Imposition of the hands of ministers with blessing


Communion Service

      *Bucer’s rite, De ordinatione legitima ministrorum ecclesiae revocanda, was printed in his Scripta Anglicana, Basel 1577, pp.238ff.  It has now been made generally available in English in the recent Alcuin Club edition, E. C. Whitaker, Martin Bucer and the Book of Common Prayer (Mayhew-McCrimmon, 1974).


      Using this as his basis Cranmer inserted into it further material suitable to each of the rites for the ordering of the three types of ministers.  The additional material came from the Roman Catholic Pontificals, the Book of Common Prayer (1549) and from Cranmer’s own wealth of liturgical knowledge.

      Basic to this Reformation Ordinal is the principle that services of ordination are to be based on the teaching of Holy Scripture, especially the practice of the Church of the New Testament, but yet they may include material of a traditional and symbolic nature if it does not obviously contradict the plain principles of Scripture.*  In particular, Cranmer held the following views.  First, ordination is not a sacrament but a public service of worship in which men are set apart for the work of the ministry and for which task they and the Church request of God the gift of the Holy Spirit.**  Secondly, the essence of ordination is prayer to God accompanied by the laying on of hands (cf. Acts 6:6, 13:3, 1 Tim. 4:14, 5:22).  Thirdly, there are only two basic types of ministers, deacons and presbyters; bishops and archbishops are presbyters (priests) to whom is given the special task of being chief shepherds of the flock of Christ.  Fourthly, the imperative formulas (“Take thou ...”) served to delineate and distinguish the nature of the office which the ordinand was taking up; they were not of the essence of ordination as some medieval writers had thought.  Fifthly, the porrectio instrumentorum (e.g. Bible, Chalice and Staff) were not essential but merely permissible ceremonies.  Sixthly, the traditional practice of deacons being ordained by the bishop, priests being ordained by the bishop assisted by other priests, and bishops being consecrated by at least three other bishops was to be followed as there was nothing inherently objectionable in it.

      *For Cranmer’s general theological position see P. E. Hughes, The Theology of the English Reformers, 1965, and The Work of Thomas Cranmer, ed. G. E. Duffield, 1964.

      **Since he held that the presbyterate had been instituted by Christ, he adapted words used by Christ in the commissioning of the apostles.  In using the words of John 20:23 he was following the custom of medieval rites.  However, while holding that the gift of the Holy Spirit was given in ordination Cranmer, along with Latimer and Jewel, did not believe that the presbyter possessed any special power to absolve sin.  See further R. T. Beckwith, Priesthood and Sacraments, 1964, pp.30–31.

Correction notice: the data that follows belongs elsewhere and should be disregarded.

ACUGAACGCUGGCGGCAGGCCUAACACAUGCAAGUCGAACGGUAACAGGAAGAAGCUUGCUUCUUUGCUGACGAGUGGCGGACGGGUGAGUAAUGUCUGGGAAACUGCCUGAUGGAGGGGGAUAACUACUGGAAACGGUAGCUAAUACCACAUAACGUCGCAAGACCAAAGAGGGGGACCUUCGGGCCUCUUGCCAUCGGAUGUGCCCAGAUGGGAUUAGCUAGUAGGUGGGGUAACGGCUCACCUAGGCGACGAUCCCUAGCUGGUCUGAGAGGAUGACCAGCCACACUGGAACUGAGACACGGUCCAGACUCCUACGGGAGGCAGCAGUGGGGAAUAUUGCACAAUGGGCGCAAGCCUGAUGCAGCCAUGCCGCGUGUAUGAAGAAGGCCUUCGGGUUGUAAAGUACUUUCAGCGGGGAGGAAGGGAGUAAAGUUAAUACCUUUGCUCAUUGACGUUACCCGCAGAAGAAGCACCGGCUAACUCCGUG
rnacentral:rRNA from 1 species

When the Prayer Book was revised in 1552 some minor changes were also made in the Ordinal.  The latter were in a Protestant direction and owed not a little to the influence of Bishop Hooper.*  From the title of the Ordinal the word “Archbishops” was removed even though it was retained in the title of the rite for the episcopate.  Further, all directions about vestments and the Introits were omitted.  Changes occurred also in the porrectio instrumentorum: priests were not given the Chalice but only a Bible, and bishops were not given a pastoral staff.  The revised Ordinal was henceforth bound up with the Prayer Book although it kept its own title-page.

      *For details see C. W. Dugmore, “The First Ten Years” in The English Prayer Book, 1549-1662, (S.P.C.K., 1963), pp.6–30.

      After the tragic interlude of Mary’s reign, the Ordinal was restored (with several minor alterations) by Elizabeth.*  Despite continuing Puritan criticism it remained unchanged throughout the reigns of James I and Charles I.  Finally its use and that of the whole Prayer Book was prohibited by the Long Parliament in 1642 at the same time that diocesan episcopacy was abolished.**  During the Commonwealth and Protectorate the majority of ordinations were according to a presbyterian or congregational form.  The year 1660, however, saw the restoration of Charles II to his throne and Episcopacy and the Prayer Book to the English Church.  In the subsequent revision of the Book of Common Prayer during 1661–2 changes were made in the Ordinal and not a few of these were aimed at excluding puritan interpretations of the rites and of stressing the necessity of episcopal ordination.  For example, the Preface was rewritten in order to demand episcopal ordination as essential, a new epistle, Eph. 4:7–13, replaced 1 Tim. 3 (to avoid the equation of bishop and presbyter) in the rite for priests, the imperative formulae for the priesthood and episcopate were expanded in order to show that priests and bishops were two different orders, not different degrees of the one order, and, in the Litany, prayer was made for “bishops, priests and deacons” not for “bishops, pastors and ministers”.***

      *Lest there be any doubts about the legality of the Ordinal, Article 36 of the Articles of Religion (1562) confirmed that the “Book of Consecration of Archbishops and Bishops and Ordering of Priests and Deacons lately set forth in the time of Edward the Sixth and confirmed by authority of Parliament” was still the legal form of ordination.